Sunday, December 30, 2018

Challenging The New Year

Calendar fragment with wishes for the new year.
Printed in Basel 
between 1480 and 1490. ow in the British Museum
The New Year is fast approaching. Just two days away. As I do most every year at this time I reflect on the last year. I encourage you to do the same for your SCA life. 

You'll want to consider both things that went well for you and things that did not. What inspired your SCA creativity and what depleted your energy? And how well you used your hobby time? 

After pondering those questions I consider what I learned last year. And, what  I did with what I learned.

And finally, I consider how I might do things differently in this new year.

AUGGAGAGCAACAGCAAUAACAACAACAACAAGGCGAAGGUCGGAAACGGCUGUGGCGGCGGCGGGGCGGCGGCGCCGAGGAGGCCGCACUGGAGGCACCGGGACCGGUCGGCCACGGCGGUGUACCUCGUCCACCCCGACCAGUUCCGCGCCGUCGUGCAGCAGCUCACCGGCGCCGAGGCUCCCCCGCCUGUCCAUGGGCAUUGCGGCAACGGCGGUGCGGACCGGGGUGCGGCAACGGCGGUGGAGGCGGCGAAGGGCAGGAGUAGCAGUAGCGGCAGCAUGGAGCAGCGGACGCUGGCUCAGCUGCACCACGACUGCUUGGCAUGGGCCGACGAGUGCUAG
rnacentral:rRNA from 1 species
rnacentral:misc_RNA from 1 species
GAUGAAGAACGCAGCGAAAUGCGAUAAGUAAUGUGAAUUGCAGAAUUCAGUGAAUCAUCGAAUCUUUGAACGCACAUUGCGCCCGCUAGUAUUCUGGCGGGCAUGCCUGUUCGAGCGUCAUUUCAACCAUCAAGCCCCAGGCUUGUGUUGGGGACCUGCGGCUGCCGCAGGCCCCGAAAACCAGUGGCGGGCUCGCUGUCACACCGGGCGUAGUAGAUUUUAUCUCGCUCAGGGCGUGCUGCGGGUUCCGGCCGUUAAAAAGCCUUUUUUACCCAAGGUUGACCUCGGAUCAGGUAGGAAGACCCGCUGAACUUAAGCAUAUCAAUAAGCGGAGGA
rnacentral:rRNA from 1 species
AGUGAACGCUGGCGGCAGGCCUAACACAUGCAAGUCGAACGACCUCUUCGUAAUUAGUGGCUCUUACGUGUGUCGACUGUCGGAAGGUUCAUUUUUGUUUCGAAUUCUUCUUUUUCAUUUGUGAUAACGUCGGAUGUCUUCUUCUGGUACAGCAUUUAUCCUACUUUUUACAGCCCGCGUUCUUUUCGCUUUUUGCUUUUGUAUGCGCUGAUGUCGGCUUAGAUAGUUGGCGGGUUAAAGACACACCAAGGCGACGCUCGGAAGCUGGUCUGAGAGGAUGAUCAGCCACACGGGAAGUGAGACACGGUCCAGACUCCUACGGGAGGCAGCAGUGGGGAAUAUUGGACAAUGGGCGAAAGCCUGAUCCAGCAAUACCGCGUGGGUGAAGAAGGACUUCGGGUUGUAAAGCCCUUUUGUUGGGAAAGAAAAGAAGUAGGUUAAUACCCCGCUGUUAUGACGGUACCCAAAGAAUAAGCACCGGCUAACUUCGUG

For the future I set goals. One long-term goal that I chop into several that are shorter. 

Last year my SCA goal was to better connect with the SCA scribal community. Then M. Aidan - the current Calontir Minister of Arts and Sciences - chose to take within the scribal community all Book Arts, not just the skills used for making scrolls. So I expanded my goal slightly to connecting better with Calontir's book artisans.  

As with many SCAdians, the reason for this goal was my restricted budget. I wanted a way to connect and support Calontir scribes that didn't involve kenneling my two dogs for extended periods. The kennel cost limits my participation. You may have limiting budget factors too. Most of us do.

Thus sprang the last year's Book Arts RUSH. A long-term goal I championed.

My smaller goals were based on it. General autocrat duties. Developing a focused class plan. Connecting with instructors to fulfill the plan. Connecting with my Lonely Tower event staff. Promoting the event throughout Calontir. Even the new, simple craft I took up - making the period-style tasseled bookmarks - was to make site tokens.